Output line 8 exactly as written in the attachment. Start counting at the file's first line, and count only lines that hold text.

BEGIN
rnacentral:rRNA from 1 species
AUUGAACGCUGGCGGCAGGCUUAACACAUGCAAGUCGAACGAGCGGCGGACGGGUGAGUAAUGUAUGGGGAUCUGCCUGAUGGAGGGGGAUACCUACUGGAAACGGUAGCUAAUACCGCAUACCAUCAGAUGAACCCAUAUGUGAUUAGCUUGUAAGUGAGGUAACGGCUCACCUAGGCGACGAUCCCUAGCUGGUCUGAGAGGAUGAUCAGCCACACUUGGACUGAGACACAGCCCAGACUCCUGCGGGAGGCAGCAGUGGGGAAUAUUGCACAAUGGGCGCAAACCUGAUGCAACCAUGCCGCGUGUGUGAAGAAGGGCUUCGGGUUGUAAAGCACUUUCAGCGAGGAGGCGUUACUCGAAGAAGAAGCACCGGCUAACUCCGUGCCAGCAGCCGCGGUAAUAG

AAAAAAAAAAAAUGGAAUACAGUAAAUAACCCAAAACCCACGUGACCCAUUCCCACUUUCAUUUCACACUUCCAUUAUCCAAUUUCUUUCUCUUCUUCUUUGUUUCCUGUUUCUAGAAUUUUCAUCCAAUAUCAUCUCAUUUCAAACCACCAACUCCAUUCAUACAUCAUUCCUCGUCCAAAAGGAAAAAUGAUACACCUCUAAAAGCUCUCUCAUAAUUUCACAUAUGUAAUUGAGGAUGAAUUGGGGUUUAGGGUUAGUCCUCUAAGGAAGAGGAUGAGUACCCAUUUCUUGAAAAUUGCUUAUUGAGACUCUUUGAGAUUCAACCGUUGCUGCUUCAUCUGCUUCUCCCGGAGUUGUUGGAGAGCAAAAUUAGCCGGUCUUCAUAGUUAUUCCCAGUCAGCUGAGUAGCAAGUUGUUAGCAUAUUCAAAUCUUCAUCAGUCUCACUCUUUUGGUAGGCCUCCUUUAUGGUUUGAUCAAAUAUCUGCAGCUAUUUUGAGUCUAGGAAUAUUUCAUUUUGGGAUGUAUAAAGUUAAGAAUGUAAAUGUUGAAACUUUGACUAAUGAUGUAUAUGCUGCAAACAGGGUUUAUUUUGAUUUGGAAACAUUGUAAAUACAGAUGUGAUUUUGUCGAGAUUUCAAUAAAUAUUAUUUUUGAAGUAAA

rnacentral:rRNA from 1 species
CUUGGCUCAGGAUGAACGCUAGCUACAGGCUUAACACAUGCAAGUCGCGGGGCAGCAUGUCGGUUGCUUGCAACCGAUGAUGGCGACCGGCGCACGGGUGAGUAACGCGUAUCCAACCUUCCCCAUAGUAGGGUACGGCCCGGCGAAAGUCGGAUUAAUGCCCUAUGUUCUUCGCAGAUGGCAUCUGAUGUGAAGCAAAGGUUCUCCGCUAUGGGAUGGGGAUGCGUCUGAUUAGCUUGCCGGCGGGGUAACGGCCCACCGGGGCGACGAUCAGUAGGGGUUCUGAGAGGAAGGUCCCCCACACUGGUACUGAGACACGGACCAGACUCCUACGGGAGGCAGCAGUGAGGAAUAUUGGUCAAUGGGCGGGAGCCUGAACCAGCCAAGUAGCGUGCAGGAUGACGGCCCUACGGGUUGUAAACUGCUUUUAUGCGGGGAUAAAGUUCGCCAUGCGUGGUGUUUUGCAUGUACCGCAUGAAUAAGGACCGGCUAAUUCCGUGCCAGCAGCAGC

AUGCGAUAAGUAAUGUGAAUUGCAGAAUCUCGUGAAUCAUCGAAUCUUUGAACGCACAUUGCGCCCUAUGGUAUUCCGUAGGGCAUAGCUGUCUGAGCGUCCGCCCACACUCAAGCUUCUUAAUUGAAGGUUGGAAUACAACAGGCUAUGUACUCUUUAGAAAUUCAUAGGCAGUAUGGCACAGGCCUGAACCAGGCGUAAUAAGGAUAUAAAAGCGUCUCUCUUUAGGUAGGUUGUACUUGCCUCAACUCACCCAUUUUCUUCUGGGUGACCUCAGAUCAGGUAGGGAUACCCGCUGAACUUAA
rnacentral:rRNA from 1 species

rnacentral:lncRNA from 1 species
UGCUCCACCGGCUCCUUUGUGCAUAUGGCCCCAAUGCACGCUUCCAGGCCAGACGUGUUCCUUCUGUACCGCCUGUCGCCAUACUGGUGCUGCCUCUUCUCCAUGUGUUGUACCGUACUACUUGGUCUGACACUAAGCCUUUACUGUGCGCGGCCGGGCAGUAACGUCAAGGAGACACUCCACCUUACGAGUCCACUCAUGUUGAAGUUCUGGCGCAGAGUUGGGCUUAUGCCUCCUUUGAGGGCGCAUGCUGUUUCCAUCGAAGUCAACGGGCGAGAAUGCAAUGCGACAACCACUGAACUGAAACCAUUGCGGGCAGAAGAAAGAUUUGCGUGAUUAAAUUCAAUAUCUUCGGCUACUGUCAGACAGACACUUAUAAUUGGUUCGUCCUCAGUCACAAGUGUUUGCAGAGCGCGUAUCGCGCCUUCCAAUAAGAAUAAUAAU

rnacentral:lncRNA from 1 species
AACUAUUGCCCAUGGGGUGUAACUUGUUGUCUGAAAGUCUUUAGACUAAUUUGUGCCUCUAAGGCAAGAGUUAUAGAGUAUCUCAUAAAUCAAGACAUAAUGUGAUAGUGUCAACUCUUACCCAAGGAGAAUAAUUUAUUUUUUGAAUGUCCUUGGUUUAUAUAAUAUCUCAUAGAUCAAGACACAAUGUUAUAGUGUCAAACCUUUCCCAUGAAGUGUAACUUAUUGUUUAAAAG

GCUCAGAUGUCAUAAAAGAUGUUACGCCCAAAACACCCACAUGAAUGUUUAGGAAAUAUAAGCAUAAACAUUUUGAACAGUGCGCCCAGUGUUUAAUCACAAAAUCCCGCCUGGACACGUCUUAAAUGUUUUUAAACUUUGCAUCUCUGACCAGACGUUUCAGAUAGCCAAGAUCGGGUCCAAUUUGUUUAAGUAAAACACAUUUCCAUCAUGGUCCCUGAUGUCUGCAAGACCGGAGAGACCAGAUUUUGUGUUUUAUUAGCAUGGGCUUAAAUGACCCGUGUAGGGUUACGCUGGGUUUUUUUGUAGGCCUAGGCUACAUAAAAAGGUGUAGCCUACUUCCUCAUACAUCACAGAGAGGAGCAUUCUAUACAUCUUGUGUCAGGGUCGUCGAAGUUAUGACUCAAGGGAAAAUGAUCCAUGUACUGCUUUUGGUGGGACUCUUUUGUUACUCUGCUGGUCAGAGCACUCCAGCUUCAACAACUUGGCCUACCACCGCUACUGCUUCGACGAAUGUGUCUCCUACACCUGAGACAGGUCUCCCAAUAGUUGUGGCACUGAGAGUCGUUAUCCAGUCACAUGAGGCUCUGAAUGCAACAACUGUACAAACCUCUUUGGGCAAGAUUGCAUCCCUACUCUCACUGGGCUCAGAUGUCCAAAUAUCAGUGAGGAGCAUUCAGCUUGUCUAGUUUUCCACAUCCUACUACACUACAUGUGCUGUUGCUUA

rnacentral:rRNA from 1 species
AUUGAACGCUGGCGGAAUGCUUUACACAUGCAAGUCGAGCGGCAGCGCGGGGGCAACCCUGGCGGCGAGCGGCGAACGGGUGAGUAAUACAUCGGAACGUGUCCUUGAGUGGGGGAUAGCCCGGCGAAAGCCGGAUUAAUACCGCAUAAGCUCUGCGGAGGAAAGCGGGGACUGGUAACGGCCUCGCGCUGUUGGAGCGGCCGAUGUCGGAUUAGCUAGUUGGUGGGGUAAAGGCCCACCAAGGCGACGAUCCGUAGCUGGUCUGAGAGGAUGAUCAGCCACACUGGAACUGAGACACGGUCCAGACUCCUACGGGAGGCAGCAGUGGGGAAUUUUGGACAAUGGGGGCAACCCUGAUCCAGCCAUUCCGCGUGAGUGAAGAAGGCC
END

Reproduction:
rnacentral:lncRNA from 1 species